WFC – What I Learned from Lisa Mangum

Lisa Mangum held a forum called “How I Learned to Stop Worrying and Love the Slush Pile.”  In addition to being an author Mrs. Mangum also selects from the slush pile which books Deseret Book will consider publishing.

I was pleased to learn something very encouraging.  Although they can receive thousands of submissions daily, you’re not actually competing with all the thousands.  A lot of them are far less ready to be published than yours is.  You are only competing with a fraction of them.  Her ratio was 300 of 2,500 submissions.)  That is why making yourself noticeable via format, query letter, and polished work is so important.

Mrs. Mangum explained there are five things you can control when submitting your work for publication:

  1. Do your homework! What did she mean by that?  There are six questions you can ask yourself to prove you’ve done your homework.
    • Is this the right slush pile? If it’s a publishing house that doesn’t ever publish fantasy and you’ve written a fantasy, you probably don’t want to submit it there.
    • Who is going to buy this?  Find out who your audience is and appeal to them.
    • How is your book different than everything out there? Be clear about what is special about your book.
    • What are people buying? Be aware of which topics are overdone (aka another book about vampires amidst Twilight popularity).
    • What is your marketing plan? Are you able to write a press release?  Do you have other ideas of what you can do to promote your book?  Bring some of your own ideas to the table.  Have a few in mind when you begin submitting query letters.
    • Have you let five honest people give you feedback?  I recently wrote a post about feedback.  Your mom probably doesn’t count, especially if she’s the type that thinks everything you do is the best thing anyone’s done ever.  “Honest” people means they will tell you if something doesn’t work, is boring, confusing, etc.
  2. Follow the submission guidelines. If it says only a query letter, DO NOT send them your entire manuscript–that is unless an instant rejection is what you’re hoping for.
  3. Write a killer query letter.  This is the hardest part of all for many writers.  Read all the guidelines and tips you can, get feedback, then revise, revise, revise!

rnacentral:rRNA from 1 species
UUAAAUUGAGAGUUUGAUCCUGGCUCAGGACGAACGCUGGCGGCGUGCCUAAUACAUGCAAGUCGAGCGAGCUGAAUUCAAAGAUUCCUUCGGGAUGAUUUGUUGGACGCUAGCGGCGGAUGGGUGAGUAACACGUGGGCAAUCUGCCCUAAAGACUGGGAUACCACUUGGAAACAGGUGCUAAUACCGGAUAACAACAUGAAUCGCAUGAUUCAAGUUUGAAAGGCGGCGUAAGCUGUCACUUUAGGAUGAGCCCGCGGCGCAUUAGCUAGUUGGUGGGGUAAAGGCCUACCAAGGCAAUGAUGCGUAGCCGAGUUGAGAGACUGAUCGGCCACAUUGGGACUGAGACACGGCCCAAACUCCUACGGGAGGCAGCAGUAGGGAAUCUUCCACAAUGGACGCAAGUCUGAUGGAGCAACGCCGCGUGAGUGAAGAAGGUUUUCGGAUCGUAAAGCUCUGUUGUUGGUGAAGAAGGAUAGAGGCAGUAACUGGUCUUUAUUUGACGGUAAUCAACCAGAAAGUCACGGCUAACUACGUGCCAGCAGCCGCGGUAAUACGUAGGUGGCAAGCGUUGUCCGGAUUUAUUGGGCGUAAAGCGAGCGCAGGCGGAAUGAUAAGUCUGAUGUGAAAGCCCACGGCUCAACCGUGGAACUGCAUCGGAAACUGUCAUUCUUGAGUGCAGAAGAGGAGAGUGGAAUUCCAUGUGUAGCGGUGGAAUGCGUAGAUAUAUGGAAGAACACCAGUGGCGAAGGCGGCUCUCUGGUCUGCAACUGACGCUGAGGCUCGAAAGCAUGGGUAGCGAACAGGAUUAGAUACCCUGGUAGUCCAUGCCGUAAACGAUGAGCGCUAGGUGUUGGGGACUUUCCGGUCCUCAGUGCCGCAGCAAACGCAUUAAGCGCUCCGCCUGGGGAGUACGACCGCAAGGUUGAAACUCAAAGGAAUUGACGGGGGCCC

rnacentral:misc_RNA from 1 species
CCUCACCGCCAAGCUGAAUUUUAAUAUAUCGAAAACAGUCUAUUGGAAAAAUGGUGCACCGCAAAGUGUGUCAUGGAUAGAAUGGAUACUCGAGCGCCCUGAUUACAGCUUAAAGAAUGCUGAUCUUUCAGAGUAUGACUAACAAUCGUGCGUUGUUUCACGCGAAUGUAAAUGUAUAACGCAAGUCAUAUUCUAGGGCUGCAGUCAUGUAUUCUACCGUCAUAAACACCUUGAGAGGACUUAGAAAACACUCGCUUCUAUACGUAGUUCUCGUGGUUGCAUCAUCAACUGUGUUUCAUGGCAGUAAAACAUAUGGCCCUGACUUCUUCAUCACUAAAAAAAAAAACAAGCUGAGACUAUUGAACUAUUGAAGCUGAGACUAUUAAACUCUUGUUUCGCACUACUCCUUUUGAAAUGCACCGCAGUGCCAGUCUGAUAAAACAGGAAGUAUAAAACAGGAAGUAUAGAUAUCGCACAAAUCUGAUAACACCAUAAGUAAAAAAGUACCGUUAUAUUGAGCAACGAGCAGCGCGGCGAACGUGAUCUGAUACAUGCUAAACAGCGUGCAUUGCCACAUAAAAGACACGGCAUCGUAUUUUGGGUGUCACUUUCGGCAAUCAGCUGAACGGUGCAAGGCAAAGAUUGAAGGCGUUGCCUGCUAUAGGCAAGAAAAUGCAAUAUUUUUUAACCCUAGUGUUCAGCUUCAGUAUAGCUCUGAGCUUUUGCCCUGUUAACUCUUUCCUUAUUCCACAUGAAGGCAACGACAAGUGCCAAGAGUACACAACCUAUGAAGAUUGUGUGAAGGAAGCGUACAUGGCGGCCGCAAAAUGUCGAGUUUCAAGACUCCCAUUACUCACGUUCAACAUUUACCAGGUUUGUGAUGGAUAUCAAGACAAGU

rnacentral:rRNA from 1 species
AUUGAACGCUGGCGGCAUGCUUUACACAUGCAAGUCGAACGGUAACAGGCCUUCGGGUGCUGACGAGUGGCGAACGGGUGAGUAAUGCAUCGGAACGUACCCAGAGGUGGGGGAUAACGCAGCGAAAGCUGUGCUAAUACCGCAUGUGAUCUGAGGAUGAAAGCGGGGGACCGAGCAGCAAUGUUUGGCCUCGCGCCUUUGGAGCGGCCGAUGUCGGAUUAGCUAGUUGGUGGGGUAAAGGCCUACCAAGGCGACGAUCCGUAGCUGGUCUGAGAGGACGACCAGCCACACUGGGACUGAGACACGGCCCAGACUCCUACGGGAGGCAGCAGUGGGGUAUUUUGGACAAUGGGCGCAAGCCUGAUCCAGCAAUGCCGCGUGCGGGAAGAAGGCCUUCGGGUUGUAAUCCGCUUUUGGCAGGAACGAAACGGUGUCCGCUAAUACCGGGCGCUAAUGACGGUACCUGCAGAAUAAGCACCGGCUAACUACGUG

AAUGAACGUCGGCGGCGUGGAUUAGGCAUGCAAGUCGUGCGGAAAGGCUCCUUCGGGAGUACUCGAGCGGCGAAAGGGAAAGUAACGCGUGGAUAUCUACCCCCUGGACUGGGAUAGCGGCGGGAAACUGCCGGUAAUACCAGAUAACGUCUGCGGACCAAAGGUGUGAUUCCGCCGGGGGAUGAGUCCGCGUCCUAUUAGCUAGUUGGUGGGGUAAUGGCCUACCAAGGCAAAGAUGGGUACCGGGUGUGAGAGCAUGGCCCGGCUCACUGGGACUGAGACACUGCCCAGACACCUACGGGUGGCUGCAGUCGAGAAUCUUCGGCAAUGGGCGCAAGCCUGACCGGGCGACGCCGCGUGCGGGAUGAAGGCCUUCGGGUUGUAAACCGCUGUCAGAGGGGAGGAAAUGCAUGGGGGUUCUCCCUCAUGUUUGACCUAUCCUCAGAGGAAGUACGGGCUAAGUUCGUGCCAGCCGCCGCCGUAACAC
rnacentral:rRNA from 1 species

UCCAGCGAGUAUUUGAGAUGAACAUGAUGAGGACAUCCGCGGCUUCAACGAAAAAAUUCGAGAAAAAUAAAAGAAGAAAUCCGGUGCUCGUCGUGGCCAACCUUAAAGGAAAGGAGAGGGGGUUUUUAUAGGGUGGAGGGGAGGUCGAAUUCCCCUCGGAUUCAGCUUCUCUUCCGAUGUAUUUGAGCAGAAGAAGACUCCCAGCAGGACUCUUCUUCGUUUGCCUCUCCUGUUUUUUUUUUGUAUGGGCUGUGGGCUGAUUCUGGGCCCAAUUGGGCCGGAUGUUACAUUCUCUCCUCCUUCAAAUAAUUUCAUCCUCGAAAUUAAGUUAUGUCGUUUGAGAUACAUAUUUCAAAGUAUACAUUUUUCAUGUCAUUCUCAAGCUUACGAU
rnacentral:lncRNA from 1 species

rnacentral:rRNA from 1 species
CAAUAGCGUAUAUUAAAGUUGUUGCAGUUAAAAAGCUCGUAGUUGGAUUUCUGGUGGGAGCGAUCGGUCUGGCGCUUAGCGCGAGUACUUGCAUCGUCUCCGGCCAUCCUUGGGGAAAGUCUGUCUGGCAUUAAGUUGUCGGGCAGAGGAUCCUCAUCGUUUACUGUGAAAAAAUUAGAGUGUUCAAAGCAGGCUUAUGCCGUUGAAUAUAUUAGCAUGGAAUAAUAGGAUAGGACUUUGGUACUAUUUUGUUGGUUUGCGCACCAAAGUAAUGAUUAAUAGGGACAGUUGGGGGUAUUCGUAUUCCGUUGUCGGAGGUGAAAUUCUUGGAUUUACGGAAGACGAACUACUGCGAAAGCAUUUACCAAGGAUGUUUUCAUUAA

4. Showcase your talent.  You can do this with your query letter.  You may not think you’re showing them much, but Mrs. Mangum says we’d all be surprised how much info an agent can glean from our one-page query letters.
  5. Deal with a rejection letter.  You’ll probably have to do this several times… Don’t worry, you’re in good company.

She finished off the forum with some good advice on writing query letters.  Firstly, remember a query letter is a business letter.  It should always include your complete contact info.  You also need to tell them what you are “selling.”  She recommends studying the back of book covers in your genre to get an idea of how to pitch your story.  Except unlike a book back, you do tell the agent how it ends.

She heavily emphasized each query letter should have a good hook.  The hook should always include:

  • The Hero (protagonist)
  • The Goal (this can vary from getting the ring to Mordor to winning a quidditch game)
  • Obstacles (what stops the hero from achieving his/her goal)
  • Consequences of Failure (the stakes)

You don’t have to tell the agent how the story ends in the hook, but do tell them somewhere afterward.  Include why they should buy publish this book you’ve written.  Example: It’s about a surgeon and you were a surgeon for 30+ years.  Maybe it’s that you’re an avid reader of sci-fi, or there’s this new twist you’ve put on it that’s fresh and original.  This will set you apart from any other books with a similar idea or genre.

If you have awards, flaunt them.  If not, focus on other things in your life you believe strengthens your writing.  (I studied journalism, so I mention that, but I keep the bio pretty short and use most of the query to sell the book).

You spent a lot of time writing your book.  Make sure you spend similar efforts on making sure your book gets into the right hands.  And if you have any further advice to add, please post it in the comments below.